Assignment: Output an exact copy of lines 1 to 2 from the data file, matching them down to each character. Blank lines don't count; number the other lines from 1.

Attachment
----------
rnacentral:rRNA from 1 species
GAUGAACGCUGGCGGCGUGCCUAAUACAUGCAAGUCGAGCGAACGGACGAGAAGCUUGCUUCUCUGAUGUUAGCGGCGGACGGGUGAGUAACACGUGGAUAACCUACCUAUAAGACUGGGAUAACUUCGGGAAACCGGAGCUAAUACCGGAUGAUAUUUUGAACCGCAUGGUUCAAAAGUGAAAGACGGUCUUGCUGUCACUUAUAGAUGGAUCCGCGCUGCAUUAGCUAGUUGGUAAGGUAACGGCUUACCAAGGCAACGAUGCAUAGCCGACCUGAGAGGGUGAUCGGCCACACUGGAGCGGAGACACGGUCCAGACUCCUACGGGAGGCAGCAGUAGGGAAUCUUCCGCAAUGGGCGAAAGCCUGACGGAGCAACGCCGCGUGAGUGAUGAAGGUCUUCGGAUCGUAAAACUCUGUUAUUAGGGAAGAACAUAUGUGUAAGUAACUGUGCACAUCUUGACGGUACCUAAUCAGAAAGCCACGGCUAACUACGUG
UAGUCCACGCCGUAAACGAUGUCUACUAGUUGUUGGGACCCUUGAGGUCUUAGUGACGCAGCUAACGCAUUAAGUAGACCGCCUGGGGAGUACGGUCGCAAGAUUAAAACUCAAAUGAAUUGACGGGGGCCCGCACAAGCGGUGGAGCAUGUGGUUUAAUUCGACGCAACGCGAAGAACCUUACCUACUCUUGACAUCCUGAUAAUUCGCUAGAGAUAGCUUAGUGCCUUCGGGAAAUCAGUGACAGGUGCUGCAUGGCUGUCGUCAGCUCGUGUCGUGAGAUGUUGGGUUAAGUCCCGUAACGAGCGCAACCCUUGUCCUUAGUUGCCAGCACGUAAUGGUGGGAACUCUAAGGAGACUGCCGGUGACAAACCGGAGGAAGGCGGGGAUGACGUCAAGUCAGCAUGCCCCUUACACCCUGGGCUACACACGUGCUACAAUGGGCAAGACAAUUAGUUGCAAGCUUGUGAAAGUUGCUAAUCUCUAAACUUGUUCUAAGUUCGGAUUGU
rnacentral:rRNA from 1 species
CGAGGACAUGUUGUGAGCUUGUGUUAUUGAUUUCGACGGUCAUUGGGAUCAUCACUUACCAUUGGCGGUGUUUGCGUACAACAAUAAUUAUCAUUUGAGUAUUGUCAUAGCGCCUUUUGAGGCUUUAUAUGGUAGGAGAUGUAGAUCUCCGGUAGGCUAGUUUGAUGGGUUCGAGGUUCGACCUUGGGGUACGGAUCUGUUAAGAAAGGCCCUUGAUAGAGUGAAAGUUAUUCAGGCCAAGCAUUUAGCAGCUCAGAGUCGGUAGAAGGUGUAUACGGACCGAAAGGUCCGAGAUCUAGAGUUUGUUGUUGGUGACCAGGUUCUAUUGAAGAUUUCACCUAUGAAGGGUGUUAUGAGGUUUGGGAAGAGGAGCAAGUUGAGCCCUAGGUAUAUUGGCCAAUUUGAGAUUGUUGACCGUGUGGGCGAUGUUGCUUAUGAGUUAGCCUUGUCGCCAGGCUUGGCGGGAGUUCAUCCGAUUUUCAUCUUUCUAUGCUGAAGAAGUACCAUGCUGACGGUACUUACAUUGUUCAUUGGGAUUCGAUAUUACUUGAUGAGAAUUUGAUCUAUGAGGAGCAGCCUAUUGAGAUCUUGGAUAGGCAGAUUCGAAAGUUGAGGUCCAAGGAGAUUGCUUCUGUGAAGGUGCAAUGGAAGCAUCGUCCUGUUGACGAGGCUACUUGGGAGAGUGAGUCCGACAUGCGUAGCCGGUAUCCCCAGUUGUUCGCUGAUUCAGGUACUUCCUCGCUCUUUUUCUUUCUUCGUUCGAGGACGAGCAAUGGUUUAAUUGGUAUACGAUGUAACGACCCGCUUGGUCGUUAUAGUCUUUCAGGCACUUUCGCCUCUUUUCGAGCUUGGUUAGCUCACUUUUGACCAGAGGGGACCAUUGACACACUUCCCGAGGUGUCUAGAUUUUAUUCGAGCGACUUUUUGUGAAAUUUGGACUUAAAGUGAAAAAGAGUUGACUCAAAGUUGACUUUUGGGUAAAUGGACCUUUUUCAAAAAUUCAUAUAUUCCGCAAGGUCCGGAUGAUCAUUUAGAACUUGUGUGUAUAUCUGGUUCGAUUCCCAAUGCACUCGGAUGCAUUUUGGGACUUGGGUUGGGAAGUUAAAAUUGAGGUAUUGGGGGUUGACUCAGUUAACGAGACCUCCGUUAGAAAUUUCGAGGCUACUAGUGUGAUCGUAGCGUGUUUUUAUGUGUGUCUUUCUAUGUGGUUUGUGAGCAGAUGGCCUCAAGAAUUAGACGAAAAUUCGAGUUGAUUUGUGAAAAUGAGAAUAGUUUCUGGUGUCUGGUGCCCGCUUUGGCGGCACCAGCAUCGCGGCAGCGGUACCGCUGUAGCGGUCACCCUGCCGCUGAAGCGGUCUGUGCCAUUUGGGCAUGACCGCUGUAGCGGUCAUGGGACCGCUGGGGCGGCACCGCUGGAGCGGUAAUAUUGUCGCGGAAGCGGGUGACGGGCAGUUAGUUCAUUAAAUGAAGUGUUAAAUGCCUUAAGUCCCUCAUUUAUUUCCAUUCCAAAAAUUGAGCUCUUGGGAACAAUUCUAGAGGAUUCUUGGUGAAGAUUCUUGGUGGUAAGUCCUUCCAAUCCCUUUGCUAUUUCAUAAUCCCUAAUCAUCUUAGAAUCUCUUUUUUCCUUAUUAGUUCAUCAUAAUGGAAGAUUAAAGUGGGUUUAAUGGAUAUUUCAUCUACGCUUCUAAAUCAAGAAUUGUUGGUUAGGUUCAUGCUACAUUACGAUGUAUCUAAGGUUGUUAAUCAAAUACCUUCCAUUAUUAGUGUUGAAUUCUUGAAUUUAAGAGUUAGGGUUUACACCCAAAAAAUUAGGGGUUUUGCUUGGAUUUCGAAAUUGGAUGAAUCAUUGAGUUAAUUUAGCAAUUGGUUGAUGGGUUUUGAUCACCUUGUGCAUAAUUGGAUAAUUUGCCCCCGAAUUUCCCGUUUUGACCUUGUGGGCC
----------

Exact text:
rnacentral:rRNA from 1 species
GAUGAACGCUGGCGGCGUGCCUAAUACAUGCAAGUCGAGCGAACGGACGAGAAGCUUGCUUCUCUGAUGUUAGCGGCGGACGGGUGAGUAACACGUGGAUAACCUACCUAUAAGACUGGGAUAACUUCGGGAAACCGGAGCUAAUACCGGAUGAUAUUUUGAACCGCAUGGUUCAAAAGUGAAAGACGGUCUUGCUGUCACUUAUAGAUGGAUCCGCGCUGCAUUAGCUAGUUGGUAAGGUAACGGCUUACCAAGGCAACGAUGCAUAGCCGACCUGAGAGGGUGAUCGGCCACACUGGAGCGGAGACACGGUCCAGACUCCUACGGGAGGCAGCAGUAGGGAAUCUUCCGCAAUGGGCGAAAGCCUGACGGAGCAACGCCGCGUGAGUGAUGAAGGUCUUCGGAUCGUAAAACUCUGUUAUUAGGGAAGAACAUAUGUGUAAGUAACUGUGCACAUCUUGACGGUACCUAAUCAGAAAGCCACGGCUAACUACGUG